For lovers of science and thrill-seekers alike, few things are as exciting as volcanoes! Hawaii hosts some of the most beautiful and impressive volcanoes in the world, both active and dormant.
If you’re planning a trip to Hawaii, you won’t want to miss the opportunity to see one of these natural wonders and learn about the science and history behind them. Thankfully, there are many spread out across the islands.
So, for those who decide they want to put a little more adrenaline into their Hawaii trip, here’s everything you should know about seeing volcanoes in Hawaii.
- How Many Active Volcanoes Are There in Hawaii?
- Volcanoes on The Big Island
- Volcanoes on Maui
- Where Should You Stay To Visit a Volcano in Hawaii?
- Everything You Need To Know About Volcano National Park
- Top Tips to Visit Volcanoes Whilst on Vacation in Hawaii
How Many Active Volcanoes Are There in Hawaii?
Did you know that Hawaii itself exists thanks to volcanoes? It’s thought that underwater volcanoes erupted and pushed the land out of the sea. For a landscape that owes so much to these natural wonders, Hawaii is a prime place to see them in action.
In all, there are six active volcanoes in Hawaii, and of these, two are some of the most active volcanoes in the whole world. Both of them, Kilauea and Maunaloa, as well as the majority of other volcanoes on the island, are shield volcanoes.
Shield volcanoes build up mountains around them over time with their lava flow. The result is a gentle slope that acts as a shield around the volcano itself. Because of this, Hawaii’s landscape is dominated by large mountains that conceal these natural wonders inside.
Volcanoes on The Big Island
The majority of Hawaii’s volcanoes can be found on the Big Island or the Island of Hawaii. Volcanoes in the area of Hawaii are strange because the location is so far from the tectonic plate boundaries that normally produce volcanoes.
However, the Hawaiian area shifts with the Pacific plate very slowly over a hotspot deep within the Earth’s mantle. The Big Island is positioned over this hotspot more than the other islands, making it a prime location for active volcanoes.
This monster is Hawaii’s most active volcano. In fact, the volcano had nearly continuous activity from 1983 to 2018. However, it’s not the state’s biggest, nor is it the oldest. It’s a small section of the larger Maunaloa volcano mountain area, but it’s actually in a separate volcano chain altogether and has its own magma-tapping system.
Although the volcano has erupted 34 times since 1952, its continuous activity in more recent decades has not been explosive. Instead, it can be best summarized as an overflow of lava that often creates lakes or sometimes lava fountains.
New lava lakes were created this way in 2008 and 2020 most recently, but often these lakes drain of lava once the activity subsides.
Historically, Hawaiians honor Kilauea as the home of Pele, the goddess of volcanoes. The mythology states that her home is in the Halemaumau crater at the peak of Kilauea. Because the islands were thought to be created by volcanoes, the deity is considered very important.
Although the volcano ceased erupting as of May 26, 2021, it’s still a great place to visit and appreciate.
As a shield volcano, Maunaloa is far larger than it seems at first glance. Taking up at least half of the Big Island, it’s the largest volcano in the whole world. Since 1843, it’s erupted 33 times, making it one of the most active volcanoes in the world as well.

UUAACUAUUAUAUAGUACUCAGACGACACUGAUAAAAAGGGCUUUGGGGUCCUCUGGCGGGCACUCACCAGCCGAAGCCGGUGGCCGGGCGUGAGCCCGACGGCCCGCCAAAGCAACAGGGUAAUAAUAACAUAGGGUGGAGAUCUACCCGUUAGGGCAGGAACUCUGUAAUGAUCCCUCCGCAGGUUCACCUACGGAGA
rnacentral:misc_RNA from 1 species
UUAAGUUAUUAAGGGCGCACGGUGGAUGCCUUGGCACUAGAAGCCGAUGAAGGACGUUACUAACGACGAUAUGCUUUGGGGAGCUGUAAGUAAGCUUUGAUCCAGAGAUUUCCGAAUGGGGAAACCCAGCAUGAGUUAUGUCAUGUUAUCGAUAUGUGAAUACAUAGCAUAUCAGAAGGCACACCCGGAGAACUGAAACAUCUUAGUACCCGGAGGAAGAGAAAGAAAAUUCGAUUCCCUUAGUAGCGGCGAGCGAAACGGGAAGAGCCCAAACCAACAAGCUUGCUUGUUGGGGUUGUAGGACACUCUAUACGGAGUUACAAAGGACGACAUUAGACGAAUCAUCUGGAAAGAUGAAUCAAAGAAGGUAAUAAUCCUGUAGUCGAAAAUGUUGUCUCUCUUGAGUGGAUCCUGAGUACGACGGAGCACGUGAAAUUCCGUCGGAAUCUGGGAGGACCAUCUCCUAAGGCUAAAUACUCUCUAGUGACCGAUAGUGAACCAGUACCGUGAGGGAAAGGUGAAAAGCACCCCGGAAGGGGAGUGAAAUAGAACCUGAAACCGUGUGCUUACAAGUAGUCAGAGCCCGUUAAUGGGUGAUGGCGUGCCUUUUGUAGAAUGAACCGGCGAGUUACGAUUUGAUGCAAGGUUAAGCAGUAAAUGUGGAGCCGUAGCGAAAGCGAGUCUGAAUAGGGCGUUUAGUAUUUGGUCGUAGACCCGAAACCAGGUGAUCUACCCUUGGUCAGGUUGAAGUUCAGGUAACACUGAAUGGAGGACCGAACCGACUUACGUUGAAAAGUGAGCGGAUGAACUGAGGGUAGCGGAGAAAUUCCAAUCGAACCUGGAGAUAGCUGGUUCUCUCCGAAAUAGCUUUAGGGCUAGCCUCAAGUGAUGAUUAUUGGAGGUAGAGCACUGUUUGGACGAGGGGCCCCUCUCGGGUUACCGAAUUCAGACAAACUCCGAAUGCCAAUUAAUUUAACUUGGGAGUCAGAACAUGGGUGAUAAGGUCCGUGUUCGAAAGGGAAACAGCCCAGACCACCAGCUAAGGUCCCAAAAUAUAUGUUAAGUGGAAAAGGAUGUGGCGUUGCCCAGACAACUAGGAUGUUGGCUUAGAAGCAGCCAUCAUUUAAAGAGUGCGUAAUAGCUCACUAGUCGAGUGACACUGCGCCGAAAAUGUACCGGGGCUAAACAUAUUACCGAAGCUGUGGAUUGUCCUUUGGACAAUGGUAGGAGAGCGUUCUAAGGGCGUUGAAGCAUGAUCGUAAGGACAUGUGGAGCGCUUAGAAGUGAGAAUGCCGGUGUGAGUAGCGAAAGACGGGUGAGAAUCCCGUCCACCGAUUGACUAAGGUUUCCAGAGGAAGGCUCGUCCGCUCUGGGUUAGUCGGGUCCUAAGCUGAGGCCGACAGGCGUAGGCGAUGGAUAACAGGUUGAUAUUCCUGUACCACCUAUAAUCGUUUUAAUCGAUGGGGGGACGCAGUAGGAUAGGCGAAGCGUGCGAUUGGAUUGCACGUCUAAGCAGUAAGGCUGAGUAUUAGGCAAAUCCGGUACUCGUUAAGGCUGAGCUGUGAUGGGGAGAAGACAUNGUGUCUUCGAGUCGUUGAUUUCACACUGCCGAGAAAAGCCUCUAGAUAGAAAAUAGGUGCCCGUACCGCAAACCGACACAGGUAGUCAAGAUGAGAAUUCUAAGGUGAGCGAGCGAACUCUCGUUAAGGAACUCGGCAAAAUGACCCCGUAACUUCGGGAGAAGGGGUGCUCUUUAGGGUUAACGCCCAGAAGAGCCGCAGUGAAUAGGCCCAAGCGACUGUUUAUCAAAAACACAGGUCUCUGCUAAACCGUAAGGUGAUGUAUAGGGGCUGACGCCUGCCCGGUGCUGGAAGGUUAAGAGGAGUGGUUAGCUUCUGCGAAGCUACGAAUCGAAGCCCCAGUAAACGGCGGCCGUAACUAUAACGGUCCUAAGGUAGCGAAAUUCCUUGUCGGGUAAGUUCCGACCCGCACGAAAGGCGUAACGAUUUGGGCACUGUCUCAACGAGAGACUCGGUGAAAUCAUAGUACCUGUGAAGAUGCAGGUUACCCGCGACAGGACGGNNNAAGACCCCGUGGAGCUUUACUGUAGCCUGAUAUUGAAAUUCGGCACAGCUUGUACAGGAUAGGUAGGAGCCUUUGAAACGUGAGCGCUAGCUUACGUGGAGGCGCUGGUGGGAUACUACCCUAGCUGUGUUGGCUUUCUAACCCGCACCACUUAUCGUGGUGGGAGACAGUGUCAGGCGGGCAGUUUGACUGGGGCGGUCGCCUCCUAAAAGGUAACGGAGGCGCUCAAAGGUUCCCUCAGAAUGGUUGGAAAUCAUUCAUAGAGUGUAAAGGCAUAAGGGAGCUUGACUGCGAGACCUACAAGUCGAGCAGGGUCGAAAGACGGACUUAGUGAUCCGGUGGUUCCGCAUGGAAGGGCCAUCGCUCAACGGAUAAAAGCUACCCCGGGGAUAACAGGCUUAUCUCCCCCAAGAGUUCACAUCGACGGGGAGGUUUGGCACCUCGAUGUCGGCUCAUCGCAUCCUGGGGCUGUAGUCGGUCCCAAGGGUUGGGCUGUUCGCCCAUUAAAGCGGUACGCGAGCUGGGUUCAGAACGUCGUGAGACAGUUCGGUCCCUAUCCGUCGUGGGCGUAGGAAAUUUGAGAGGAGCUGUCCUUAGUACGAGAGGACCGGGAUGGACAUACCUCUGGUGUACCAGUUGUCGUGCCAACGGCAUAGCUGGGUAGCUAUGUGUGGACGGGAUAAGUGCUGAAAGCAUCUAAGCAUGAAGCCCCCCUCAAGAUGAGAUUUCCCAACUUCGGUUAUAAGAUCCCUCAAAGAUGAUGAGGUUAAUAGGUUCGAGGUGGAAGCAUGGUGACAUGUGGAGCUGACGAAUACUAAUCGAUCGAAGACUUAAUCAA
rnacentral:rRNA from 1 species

Unlike recent eruptions of Kilauea, Maunaloa is known for more intense eruptions with larger flow volumes. In its eruptions since 1868, its lava has flowed into the ocean eight times.
The components of Maunaloa’s lava contribute to its easy-flowing nature. The lava is basaltic, meaning that it has a low silica content and a low viscosity. These components make basaltic lava fast-flowing from vents. When it cools, it hardens into dark, smooth rock that is easily recognizable around the island.
Because of its location in a lava-flow-risk zone, the town of Hilo has been threatened at multiple points in its history by this volcano, and though individual homes have been destroyed, the town has never been directly hit.
Despite the volcano’s risky history, hikers can traverse it all the way up to the summit, although the climb is steep and can be treacherous.
Short for Mauna a Wakea, the dormant Mauna Kea volcano is still the highest peak in the state of Hawaii. It covers a vast area of the island; in fact, most of the area uncovered by Maunaloa is claimed by Mauna Kea.
It’s thought to be over 4500 years old and, although it was a shield volcano at one time, has quieted down into dormancy. The lack of a caldera, which includes volcanic vents, at the crest of the mountain, the lack of fissure vents that travel from the summit, and the steeper shape compared to the active volcanoes confirm Mauna Kea’s dormant status.
This doesn’t mean, though, that Mauna Kea is totally inactive. There is still a magma supply, albeit a more viscous one that has a different composition than the active volcanoes and poses no real threat.
Mauna Kea means “White Mountain” but is also thought to be short for Mauna a Wakea, which alludes to the volcano’s supposed origins as the first-born mountain between Papa and Wakea, the chief deities, and creators in the Hawaiian tradition.
The summit of this dormant volcano, because of the conditions created by its topography, is a popular and very successful spot for monitoring astronomy. Although the astronomical stations are not open to visitors, tourists can hike to the summit and enjoy the view and the history of this millennia-old wonder.
Another active volcano on the Big Island, Hualalai, is located the furthest to the west. It differs from the other five volcanoes that form the big island in that it’s somewhat of a mystery: it’s classified as active, but it hasn’t actively erupted in at least 2000 years.
Still, given the composition of its lava, it’s inevitable that it will erupt at some point, and many experts think it will be soon: sometime within the next century.